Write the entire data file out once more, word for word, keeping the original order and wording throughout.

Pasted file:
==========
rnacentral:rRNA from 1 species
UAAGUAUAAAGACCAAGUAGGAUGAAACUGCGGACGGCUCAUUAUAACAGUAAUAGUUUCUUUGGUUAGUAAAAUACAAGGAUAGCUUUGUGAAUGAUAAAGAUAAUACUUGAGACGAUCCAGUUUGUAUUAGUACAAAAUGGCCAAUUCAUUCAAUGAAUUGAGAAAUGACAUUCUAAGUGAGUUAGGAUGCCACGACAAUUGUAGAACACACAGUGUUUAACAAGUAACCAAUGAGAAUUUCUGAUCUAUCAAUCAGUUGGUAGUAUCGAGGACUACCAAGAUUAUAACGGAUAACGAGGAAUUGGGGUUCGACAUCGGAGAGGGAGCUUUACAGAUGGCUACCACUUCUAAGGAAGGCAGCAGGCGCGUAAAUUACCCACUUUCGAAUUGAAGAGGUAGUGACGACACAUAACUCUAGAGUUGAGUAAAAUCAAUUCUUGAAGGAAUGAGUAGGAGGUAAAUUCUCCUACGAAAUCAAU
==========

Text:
rnacentral:rRNA from 1 species
UAAGUAUAAAGACCAAGUAGGAUGAAACUGCGGACGGCUCAUUAUAACAGUAAUAGUUUCUUUGGUUAGUAAAAUACAAGGAUAGCUUUGUGAAUGAUAAAGAUAAUACUUGAGACGAUCCAGUUUGUAUUAGUACAAAAUGGCCAAUUCAUUCAAUGAAUUGAGAAAUGACAUUCUAAGUGAGUUAGGAUGCCACGACAAUUGUAGAACACACAGUGUUUAACAAGUAACCAAUGAGAAUUUCUGAUCUAUCAAUCAGUUGGUAGUAUCGAGGACUACCAAGAUUAUAACGGAUAACGAGGAAUUGGGGUUCGACAUCGGAGAGGGAGCUUUACAGAUGGCUACCACUUCUAAGGAAGGCAGCAGGCGCGUAAAUUACCCACUUUCGAAUUGAAGAGGUAGUGACGACACAUAACUCUAGAGUUGAGUAAAAUCAAUUCUUGAAGGAAUGAGUAGGAGGUAAAUUCUCCUACGAAAUCAAU